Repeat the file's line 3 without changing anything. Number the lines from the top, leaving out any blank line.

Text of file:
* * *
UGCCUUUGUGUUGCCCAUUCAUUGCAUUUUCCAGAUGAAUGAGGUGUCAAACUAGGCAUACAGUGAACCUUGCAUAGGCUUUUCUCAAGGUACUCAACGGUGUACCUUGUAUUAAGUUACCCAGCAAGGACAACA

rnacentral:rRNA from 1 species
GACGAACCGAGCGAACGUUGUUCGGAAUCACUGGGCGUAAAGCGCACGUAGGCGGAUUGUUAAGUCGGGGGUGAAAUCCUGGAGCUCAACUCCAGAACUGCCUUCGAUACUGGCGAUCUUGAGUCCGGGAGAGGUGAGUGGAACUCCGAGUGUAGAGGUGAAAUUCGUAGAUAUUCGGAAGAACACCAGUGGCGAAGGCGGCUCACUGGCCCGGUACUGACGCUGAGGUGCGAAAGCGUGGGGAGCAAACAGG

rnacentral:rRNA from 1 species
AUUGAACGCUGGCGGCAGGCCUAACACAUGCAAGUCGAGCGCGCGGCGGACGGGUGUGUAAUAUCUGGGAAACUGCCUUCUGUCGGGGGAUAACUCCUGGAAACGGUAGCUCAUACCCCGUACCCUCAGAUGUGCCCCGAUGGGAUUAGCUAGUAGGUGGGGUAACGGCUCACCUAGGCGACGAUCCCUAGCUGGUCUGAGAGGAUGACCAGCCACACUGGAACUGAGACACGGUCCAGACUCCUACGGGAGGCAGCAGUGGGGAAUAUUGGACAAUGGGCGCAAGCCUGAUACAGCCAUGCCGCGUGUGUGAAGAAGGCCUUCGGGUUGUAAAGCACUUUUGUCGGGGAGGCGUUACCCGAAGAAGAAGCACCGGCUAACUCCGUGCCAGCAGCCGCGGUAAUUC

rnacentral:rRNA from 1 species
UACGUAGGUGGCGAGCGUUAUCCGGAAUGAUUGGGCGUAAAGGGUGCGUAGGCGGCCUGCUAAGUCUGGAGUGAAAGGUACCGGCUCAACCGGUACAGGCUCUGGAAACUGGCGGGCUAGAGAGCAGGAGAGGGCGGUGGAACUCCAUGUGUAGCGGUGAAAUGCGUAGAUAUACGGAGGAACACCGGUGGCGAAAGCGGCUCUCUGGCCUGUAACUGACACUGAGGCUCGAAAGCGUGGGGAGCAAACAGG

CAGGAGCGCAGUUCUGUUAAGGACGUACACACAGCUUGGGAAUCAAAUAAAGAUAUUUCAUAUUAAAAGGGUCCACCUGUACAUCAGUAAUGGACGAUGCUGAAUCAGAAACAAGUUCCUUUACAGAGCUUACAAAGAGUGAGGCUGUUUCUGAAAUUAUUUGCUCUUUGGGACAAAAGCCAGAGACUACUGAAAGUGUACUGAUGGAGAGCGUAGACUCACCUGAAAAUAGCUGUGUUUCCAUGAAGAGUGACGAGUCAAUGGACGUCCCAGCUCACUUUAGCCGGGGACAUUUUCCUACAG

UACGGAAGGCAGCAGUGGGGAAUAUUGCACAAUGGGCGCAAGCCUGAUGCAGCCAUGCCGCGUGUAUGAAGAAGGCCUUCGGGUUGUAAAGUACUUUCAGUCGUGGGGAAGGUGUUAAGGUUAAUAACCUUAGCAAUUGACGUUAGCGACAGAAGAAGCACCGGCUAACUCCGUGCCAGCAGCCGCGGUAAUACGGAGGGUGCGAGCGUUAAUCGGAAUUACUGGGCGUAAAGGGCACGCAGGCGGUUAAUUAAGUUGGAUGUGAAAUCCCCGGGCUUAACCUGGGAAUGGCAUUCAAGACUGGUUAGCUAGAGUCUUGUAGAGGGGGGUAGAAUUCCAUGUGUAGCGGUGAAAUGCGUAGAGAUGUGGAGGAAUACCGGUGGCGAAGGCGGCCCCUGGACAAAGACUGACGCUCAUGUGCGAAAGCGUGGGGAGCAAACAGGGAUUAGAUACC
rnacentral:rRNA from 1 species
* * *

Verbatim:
GACGAACCGAGCGAACGUUGUUCGGAAUCACUGGGCGUAAAGCGCACGUAGGCGGAUUGUUAAGUCGGGGGUGAAAUCCUGGAGCUCAACUCCAGAACUGCCUUCGAUACUGGCGAUCUUGAGUCCGGGAGAGGUGAGUGGAACUCCGAGUGUAGAGGUGAAAUUCGUAGAUAUUCGGAAGAACACCAGUGGCGAAGGCGGCUCACUGGCCCGGUACUGACGCUGAGGUGCGAAAGCGUGGGGAGCAAACAGG